“I see a vision of a great rucksack revolution thousands or even millions of young Americans wandering around with rucksacks, going up to mountains to pray, making children laugh and old men glad, making young girls happy and old girls happier, all of ‘em Zen Lunatics who go about writing poems that happen to appear in their heads for no reason and also by being kind and also by strange unexpected acts keep giving visions of eternal freedom to everybody and to all living creatures.” – Gary Snyder
Gary Snyder began his career in the 1950s as a noted member of the “Beat Generation,” and a poet who brings together ecology and spirituality, though he has since explored a wide range of social and spiritual matters in both poetry and prose. Snyder’s work blends physical reality and precise observations of nature with inner insight received primarily through the practice of Zen Buddhism. While Snyder has gained attention as a spokesman for the preservation of the natural world and its earth-conscious cultures, he is not simply a “back-to-nature” poet with a facile message. In American Poetry in the Twentieth Century, Kenneth Rexroth observed that although Snyder proposes “a new ethic, a new esthetic, [and] a new life style,” he is also “an accomplished technician who has learned from the poetry of several languages and who has developed a sure and flexible style capable of handling any material he wishes.” According to Charles Altieri in Enlarging the Temple: New Directions in American Poetry during the 1960s, Snyder’s achievement “is a considerable one. Judged simply in aesthetic terms, according to norms of precision, intelligence, imaginative play, and moments of deep resonance, he easily ranks among the best poets of his generation. Moreover, he manages to provide a fresh perspective on metaphysical themes, which he makes relevant and compelling.”
After spending the better part of six years in a Japanese Zen monastery, Snyder returned to the US. Since then, he has attempted to bring his meditation practice into everyday life. For Snyder, what we need to do “is to take the great intellectual achievement of the Mahayana Buddhists and bring it back to a community style of life which is not necessarily monastic.” For Snyder, Zen is “a way of using your mind and practicing your life and doing it with other people. It has a style that involves others. It brings a particular kind of focus and attention to work. It values work…At the same time it has no external law for doing it. So you must go very deep into yourself to find the foundation of it. In other words it turns you inward rather than giving you a rulebook to live by. Zen is practice that is concerned with liberation, not with giving people some easy certainty.”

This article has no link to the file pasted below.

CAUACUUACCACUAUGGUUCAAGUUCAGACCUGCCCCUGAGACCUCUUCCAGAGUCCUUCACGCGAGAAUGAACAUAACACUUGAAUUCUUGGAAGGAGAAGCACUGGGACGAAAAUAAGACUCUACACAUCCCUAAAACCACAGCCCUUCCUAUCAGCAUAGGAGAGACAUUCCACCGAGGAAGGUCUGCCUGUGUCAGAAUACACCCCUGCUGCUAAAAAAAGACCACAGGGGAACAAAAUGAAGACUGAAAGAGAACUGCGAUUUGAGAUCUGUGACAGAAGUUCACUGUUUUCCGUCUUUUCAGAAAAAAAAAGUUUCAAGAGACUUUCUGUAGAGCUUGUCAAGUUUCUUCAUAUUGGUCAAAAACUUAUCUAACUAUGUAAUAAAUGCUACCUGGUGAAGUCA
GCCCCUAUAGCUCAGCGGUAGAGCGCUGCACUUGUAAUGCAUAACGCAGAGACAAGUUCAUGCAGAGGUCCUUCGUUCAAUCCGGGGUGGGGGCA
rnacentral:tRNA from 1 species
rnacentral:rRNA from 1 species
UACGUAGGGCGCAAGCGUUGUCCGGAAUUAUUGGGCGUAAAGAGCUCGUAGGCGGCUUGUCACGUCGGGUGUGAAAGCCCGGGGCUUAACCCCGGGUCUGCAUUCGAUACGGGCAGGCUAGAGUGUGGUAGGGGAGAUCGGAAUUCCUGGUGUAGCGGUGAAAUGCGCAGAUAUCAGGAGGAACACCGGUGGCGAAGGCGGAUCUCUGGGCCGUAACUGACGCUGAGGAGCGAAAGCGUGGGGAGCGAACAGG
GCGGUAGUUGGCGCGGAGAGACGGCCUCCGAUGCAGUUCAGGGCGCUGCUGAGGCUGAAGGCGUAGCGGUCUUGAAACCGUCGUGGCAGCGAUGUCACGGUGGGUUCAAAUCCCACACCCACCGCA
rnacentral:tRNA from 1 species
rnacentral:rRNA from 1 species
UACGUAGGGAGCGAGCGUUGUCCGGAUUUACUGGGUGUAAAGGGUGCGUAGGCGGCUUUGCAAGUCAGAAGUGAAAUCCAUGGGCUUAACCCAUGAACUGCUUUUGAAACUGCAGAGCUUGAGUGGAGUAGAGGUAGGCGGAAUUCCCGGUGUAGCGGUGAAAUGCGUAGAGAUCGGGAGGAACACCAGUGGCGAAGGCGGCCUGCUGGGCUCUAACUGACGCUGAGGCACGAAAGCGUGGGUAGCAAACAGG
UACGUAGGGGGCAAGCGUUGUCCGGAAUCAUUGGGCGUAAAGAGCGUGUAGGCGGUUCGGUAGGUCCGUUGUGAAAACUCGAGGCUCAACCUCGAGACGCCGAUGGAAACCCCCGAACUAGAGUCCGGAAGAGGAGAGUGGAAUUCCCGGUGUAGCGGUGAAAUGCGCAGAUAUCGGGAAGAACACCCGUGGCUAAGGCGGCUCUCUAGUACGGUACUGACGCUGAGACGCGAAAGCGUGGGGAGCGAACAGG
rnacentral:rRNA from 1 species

Thus for Snyder, the ‘real work’ is to achieve liberation for all sentient beings, working alongside others to make the world a better place: “The poet is right there … in the area that says ‘Let the shit fly,’ which is different from the religious person in civilized times, who is operating in the realm of control, self-discipline, purity, training, self-knowledge.” This position may reflect Snyder’s decision to leave the Japanese monastery, and rejoin the world, with all its troubles and difficulties. It also represents an attempt to live up to the Bodhisattva ideal, to work alongside others to help everyone end suffering together. As Snyder notes, “the mercy of the West has been social revolution; the mercy of the East has been individual insight into the basic self/void.”
Buddhists have an expansive concept of the self. It is an anti-essentialist philosophy, rejecting both the idea of a ‘soul’ and of God. A central principle in Mahayana is that of ‘emptiness,’ which is a dialectical concept. Emptiness, or Sunyata, posits that nothing has an essential nature, and can only be understood only in relationship to its context. As Huntington explains, “As components of worldly experience all elements of conceptualization and perception come into being through an unstable conjunction of the requisite circumstances, and cease to be through disjunction of these same circumstances: Their intrinsic nature is like a bundle of hollow reeds.”
This insight leads Snyder to quote Dogen, in saying, “in his funny cryptic way … ’whoever told people that ‘Mind’ means thoughts, opinions, ideas, and concepts? Mind means trees, fence posts, tiles, and grasses.’” Buddhism allows Snyder to see human mind in nature, and nature in the human mind. And it provides an alternative philosophical framework for deep ecologists disillusioned with the West.
(source: The Anarchist Library)